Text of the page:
Blaming your own choices on the others comes always handy. Handy for an ego which believes it is its own cause and purpose and, even more, the whole world is here to serve it. This is the choice the human beings made, according to the Bible, at their creation, and this is still the choice that many of us still make. Probably each of us, throughout our lives, act in line with our grasping ego. But then some of us (many of us as well? or not really?) learn the lesson of love, which was first given by a divine being who wanted to spare us the lesson of death.
According to Yannaras’ analysis, it is death to think and to behave like you could exist on your own, even if the whole Universe disappeared today (not to mention it is absurd as well, but anyway). An ego which thinks itself immortal is the agent of death within. Our essence is divine, which means our ultimate purpose is the communion with the whole: the person next to us, whom we choose to share our life with, the people whom we call friends or workmates or neighbours, nature itself, God (or however you want to call the divine). Once human beings placed themselves in opposition with their existential purpose, is there any wonder they became destructive? Ego above everything leads to destruction, and this is evil.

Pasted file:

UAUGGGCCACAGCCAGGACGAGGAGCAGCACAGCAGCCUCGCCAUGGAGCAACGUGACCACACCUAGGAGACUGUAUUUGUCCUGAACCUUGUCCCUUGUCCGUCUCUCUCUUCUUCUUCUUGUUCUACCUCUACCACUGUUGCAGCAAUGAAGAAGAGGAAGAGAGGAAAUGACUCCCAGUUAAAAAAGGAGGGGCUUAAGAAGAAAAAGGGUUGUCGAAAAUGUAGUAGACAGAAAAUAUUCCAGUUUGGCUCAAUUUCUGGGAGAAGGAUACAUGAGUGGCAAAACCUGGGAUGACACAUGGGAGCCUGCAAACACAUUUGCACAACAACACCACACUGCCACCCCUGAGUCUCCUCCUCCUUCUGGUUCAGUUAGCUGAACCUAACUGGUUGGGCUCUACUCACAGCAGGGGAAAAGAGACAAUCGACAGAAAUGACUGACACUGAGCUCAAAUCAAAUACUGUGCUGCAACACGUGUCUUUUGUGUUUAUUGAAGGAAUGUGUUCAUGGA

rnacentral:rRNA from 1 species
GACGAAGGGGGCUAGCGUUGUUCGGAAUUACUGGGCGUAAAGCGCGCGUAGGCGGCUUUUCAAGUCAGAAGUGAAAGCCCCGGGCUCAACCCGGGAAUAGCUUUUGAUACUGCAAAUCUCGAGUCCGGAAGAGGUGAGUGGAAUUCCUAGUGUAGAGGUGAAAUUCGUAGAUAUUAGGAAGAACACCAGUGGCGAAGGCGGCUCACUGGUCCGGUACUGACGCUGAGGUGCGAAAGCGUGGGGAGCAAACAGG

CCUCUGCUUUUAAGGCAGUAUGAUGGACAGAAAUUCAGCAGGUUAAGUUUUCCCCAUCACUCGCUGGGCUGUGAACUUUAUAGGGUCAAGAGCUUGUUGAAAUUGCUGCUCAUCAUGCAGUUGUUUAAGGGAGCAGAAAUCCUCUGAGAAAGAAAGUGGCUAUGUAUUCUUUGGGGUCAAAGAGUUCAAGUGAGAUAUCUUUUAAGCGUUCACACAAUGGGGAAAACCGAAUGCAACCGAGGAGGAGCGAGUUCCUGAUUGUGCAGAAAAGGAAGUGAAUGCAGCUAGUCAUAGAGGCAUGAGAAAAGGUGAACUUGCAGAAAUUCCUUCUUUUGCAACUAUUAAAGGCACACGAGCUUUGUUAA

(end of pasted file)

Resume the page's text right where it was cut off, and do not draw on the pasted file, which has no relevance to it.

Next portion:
So evil is treating women as if they were not human beings. Evil is treating women as if they are here only to serve men. Evil is destroying women who do not obey. But then evil is leaving people in utter poverty, with barely any chance to a better life, so that big corporations can raise their profits and directors can award themselves to $1 million bonus yearly. And then these people commit crimes, even horrific raping and torturing of women who dared to go and watch an evening movie with a male friend.